Jane, Germany

Anybody who suggests that "bullied" workers suffer the same as our armed forces under fire has obviously never had to experience it. Post Traumatic Stress Disorder is yet another over exaggerated "illness" - if you can't stand the heat - get out of the kitchen.
Phil, Manchester, UK

I can empathise with the comments in your article and from other correspondents, especially City Girl, London. Several years ago, I worked for a large public sector organisation in southern England. I had a fascinating and fulfilling job which sometimes also took me overseas. Unfortunately, my line manager, who appears to have been undergoing a personal life crisis at the time, seemed to suddenly take a strong personal dislike to me. This was manifested by disparaging remarks, passive-aggressive behaviour, malicious gossip about me, passing off of ideas generated by me as his own and frequent use of abusive language to myself and others around him. Despite others also being affected by this behaviour and complaints being made, no action other then half-hearted, ineffectual verbal warnings were given. Just before I left, pretty much as a direct result of his behaviour, he had even co-opted a colleague to participate in making me feel completely ostracised from his team. I left a job which I loved with excellent future prospects. Something which I still feel a lot of resentment towards both my ex-boss and to the management tier above him which utterly failed in their duty of HR management. As for the government preaching to companies about putting a stop to workplace bullying, I would have to say to them to put their own house in order first. I'm sure a lot of other former and current civil servants would agree.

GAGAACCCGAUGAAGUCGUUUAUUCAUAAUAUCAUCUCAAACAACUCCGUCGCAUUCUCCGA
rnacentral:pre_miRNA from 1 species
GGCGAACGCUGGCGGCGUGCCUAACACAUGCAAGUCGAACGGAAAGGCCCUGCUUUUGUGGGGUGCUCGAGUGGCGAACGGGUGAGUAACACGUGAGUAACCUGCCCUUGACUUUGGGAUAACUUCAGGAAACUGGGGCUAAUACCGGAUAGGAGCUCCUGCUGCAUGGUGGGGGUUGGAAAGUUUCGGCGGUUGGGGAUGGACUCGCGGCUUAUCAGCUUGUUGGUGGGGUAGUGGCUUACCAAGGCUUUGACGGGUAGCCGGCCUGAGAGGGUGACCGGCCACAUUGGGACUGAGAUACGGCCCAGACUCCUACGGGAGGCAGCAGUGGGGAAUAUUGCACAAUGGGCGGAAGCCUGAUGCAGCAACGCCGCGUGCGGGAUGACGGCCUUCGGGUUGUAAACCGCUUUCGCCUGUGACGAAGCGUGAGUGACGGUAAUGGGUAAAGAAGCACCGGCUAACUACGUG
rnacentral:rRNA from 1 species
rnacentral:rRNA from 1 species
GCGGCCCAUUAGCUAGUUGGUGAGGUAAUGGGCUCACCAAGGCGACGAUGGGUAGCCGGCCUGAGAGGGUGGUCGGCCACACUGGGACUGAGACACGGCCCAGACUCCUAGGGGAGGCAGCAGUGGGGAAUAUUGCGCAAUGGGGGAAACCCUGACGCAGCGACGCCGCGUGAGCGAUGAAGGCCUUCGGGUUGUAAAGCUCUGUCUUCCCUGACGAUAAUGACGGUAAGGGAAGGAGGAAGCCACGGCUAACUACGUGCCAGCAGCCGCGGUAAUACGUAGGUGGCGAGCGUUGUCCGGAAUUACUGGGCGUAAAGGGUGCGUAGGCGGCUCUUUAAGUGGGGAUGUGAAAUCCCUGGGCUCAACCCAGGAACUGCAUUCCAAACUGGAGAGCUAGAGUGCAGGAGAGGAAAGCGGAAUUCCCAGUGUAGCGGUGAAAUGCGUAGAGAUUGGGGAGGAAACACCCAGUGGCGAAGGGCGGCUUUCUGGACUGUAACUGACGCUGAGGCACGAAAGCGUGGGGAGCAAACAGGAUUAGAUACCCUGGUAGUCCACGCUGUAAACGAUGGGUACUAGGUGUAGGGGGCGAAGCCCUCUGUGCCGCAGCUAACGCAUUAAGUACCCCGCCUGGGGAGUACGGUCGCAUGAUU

Robert, Leeds, UK

If bullies are allowed to go on, they wreck people's minds, and make life miserable. Just like their own pathetic miserable lives. The best response to bullying is to expose them for what they are, useless, degrading rubbish individuals.
Sarah, Toronto, Canada

Bullying at work is disgraceful and employers should do all they can to protect employees. However, the government is doing everything it can to hinder employers. Employers are expected to protect the rights of those doing the bullying as much as those being bullied. As an employer I feel it is time that Employment Tribunals recognised the obligations of employers to protect employees from bullies. Employers should have an automatic defence if they can show that some has been guilty of bullying.
Andrew, Glasgow, UK

I have been bullied by a female boss but no one else could see it because it was done behind closed doors and through persistent criticism and inducing a feeling in me that I was no good at my job, a failure. It's very hard to stamp out this sort of bullying because the victim will not be believed and is always cast in a bad light. There is a lot of this in the profession I work in - market research. Surprising? We are supposed to be objective and open minded but in this business, sexism, racism and egotism among bosses is rife. I have had 3 sexist bosses one of whom was also racist.
Anne, Kent, UK